A key part of WIRSPA’s rum education initiative is the Authentic Caribbean Rum Marque, a stamp of authenticity, provenance and quality for rums produced in 13 Caribbean countries.

To start, WIRSPA aims to use the marque to promote the development of Authentic Caribbean Rum as a distinct sector within the beverage alcohol industry. But as adaptation of it increases, the marque will serve as a visual symbol to help trade customers and consumers identify ACR brands.


Charring barrels at the rum, bottling and aging facility of Barcelo in the Dominican Republic.

WIRSPA’s program also includes a rum education campaign for bartenders and trade professionals in Europe and North America. The initial stage involves training sessions led by WIRSPA’s international panel members across Europe, the U.S. and Canada. Individuals who complete the training receive the Authentic Caribbean Rum Diploma.

After obtaining the diploma, trade professionals can apply for full certification. This includes a one-week training program with rum producers in the Caribbean. Participants visit different distilleries and experience the full rum-making experience, from the sugar cane fields to fermentation, distillation, aging and blending.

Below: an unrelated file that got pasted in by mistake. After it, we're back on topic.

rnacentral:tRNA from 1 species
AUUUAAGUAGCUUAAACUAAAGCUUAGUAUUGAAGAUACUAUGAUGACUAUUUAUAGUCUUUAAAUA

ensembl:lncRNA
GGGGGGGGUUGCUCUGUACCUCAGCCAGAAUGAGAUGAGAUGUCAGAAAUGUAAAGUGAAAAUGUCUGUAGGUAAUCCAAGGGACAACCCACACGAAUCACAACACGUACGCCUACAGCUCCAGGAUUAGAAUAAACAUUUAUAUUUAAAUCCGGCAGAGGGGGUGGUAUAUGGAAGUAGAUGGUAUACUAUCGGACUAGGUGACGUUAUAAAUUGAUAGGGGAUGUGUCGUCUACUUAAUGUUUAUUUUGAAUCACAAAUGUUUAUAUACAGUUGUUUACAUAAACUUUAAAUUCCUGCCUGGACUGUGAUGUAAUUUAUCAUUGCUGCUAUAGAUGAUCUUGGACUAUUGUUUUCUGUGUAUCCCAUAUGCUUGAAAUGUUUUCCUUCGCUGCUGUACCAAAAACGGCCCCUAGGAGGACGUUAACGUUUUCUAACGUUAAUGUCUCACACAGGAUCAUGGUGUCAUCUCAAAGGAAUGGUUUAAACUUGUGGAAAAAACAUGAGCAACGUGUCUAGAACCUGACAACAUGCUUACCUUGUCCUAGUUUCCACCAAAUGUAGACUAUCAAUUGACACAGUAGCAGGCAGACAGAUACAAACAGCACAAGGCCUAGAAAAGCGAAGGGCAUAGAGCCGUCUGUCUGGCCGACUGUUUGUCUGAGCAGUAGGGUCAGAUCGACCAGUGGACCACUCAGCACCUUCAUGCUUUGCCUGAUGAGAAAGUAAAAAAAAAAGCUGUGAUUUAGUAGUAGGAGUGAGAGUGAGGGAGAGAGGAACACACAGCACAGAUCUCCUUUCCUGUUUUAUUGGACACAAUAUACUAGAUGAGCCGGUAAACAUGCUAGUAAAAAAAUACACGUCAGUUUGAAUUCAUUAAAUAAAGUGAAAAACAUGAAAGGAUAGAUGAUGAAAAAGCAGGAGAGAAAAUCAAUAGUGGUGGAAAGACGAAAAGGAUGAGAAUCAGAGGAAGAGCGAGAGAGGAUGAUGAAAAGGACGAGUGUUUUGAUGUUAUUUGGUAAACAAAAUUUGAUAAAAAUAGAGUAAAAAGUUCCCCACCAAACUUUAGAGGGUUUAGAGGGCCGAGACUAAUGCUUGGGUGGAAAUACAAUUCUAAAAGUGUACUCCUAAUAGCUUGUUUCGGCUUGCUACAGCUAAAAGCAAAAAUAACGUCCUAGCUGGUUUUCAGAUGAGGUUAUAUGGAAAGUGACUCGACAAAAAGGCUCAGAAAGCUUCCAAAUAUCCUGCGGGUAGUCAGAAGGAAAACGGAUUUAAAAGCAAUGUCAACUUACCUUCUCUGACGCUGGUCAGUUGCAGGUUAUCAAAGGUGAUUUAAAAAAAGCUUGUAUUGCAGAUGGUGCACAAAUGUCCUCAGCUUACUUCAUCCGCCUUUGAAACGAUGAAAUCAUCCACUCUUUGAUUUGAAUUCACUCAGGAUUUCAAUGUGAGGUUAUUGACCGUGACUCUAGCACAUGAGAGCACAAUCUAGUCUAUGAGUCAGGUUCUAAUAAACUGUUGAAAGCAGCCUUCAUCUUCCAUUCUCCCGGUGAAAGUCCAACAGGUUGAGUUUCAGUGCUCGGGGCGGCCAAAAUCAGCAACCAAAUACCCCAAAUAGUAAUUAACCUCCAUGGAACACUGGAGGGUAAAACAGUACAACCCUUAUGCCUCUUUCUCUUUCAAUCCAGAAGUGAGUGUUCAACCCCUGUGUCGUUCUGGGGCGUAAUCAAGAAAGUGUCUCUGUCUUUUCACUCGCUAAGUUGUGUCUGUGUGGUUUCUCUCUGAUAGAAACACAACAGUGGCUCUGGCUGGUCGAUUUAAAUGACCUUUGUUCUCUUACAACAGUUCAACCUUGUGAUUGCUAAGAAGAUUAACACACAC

The program aims to increase knowledge among trade professionals on the diversity and quality of Caribbean rum, according to WIRSPA chairman Dr. Frank Ward. Authentic Caribbean Rum is produced in nearly 30 distilleries in the island region.

Producers currently licensed are Angostura Ltd., Antigua Distillery Ltd., Barcelo, Brugal, Demerara Distillers Ltd., Grenada Distillers Ltd., Hampden Estate, J Wray and Nephew Ltd., Mount Gay Distilleries Ltd., National Rums of Jamaica, RL Seale, Rhum Barbancourt, St. Lucia Distillers Ltd., St. Nicholas Abbey, St. Vincent Distillery, Suriname Alcoholic Beverages, Travellers Liquors, Westerhall Estate and West Indies Rum Distillery Ltd.